JO: Growing food for the kitchen, was that a big part of the plan all along?

MM: Yes that was really important. The first thing we did was build 5 garden beds, before we even renovated the interior! We were just so lucky to have a garden next to the coffee shop and that space was one of the biggest things that attracted us to the place. We came back here a few times just to see how much sun it got. The soil in Avoca is really good too, we’ve had really good luck. It took us 3 days to build the garden beds and the community came and helped and asked what’s going on. One of our neighbours would walk past with his dog everyday and after we put the beds in and planted all the seedlings he came around and asked us: ‘are you going to build a fence?’ And we said: ‘no, there’s already a small fence.’ And he said: ‘Well people are going to steal your herbs.’ And we said: ‘well thats the whole point.’ We want to share, inspire and show the journey of food. I’m constantly coming out to the garden to fill a bowl with herbs. I literally run out of the kitchen, pick some mint, chop it up, put it on a plate and then someone is eating it a few seconds later. That journey is really beautiful. Obviously it’s hard work and a challenge, we’ve had a few months where the herbs or veggies haven’t done well and we’ve had to outsource them. But we’ve met lots of locals who share their garden produce with us, and we trade for coffee, we also get produce from local farmers/growers, theres actually a lot growing on the Central Coast. In the summer the garden looks really green and abundant and in the winter we have less.That’s something we should all understand: eating seasonally is really important and preparing for the seasons too.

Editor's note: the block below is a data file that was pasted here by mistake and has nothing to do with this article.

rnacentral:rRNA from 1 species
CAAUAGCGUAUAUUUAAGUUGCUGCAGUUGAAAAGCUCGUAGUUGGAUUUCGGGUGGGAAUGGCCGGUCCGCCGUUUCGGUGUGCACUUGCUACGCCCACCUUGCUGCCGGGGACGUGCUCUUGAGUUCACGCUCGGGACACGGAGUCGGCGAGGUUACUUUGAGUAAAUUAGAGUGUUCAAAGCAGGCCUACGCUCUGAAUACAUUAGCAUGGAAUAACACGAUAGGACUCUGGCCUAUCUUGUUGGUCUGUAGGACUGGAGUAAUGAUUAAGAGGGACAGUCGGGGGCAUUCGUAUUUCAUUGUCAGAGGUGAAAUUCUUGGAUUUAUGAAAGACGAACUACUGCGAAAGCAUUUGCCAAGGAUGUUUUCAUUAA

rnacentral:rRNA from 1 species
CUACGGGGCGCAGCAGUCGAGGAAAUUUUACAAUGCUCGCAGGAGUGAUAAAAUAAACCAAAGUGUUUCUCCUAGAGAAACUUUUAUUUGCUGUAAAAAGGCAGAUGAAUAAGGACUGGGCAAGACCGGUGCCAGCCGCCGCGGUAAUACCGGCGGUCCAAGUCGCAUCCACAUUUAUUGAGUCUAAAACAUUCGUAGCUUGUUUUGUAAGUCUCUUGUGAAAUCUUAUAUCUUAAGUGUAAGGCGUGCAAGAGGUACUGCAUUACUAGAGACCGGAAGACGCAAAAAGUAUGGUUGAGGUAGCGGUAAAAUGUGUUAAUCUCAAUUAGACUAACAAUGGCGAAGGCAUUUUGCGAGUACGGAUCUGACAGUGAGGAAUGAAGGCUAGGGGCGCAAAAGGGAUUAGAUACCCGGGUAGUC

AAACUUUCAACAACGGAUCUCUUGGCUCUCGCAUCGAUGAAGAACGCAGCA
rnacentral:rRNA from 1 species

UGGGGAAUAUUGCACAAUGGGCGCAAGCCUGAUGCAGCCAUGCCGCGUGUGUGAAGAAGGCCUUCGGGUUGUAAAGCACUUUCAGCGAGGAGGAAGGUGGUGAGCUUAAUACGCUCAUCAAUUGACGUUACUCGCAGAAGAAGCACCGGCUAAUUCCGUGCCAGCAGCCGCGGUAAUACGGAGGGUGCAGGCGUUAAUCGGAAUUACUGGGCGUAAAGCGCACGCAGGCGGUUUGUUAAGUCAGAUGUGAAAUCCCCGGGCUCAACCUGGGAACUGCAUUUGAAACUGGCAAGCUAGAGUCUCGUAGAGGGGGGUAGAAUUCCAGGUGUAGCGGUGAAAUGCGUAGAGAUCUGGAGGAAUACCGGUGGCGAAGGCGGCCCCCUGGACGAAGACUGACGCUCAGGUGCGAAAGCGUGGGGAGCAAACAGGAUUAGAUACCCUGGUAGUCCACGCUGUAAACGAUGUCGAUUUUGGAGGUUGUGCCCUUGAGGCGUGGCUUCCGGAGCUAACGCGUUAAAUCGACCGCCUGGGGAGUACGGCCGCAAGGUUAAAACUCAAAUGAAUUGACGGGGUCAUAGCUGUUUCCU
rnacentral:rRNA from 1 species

JO: And has a reality…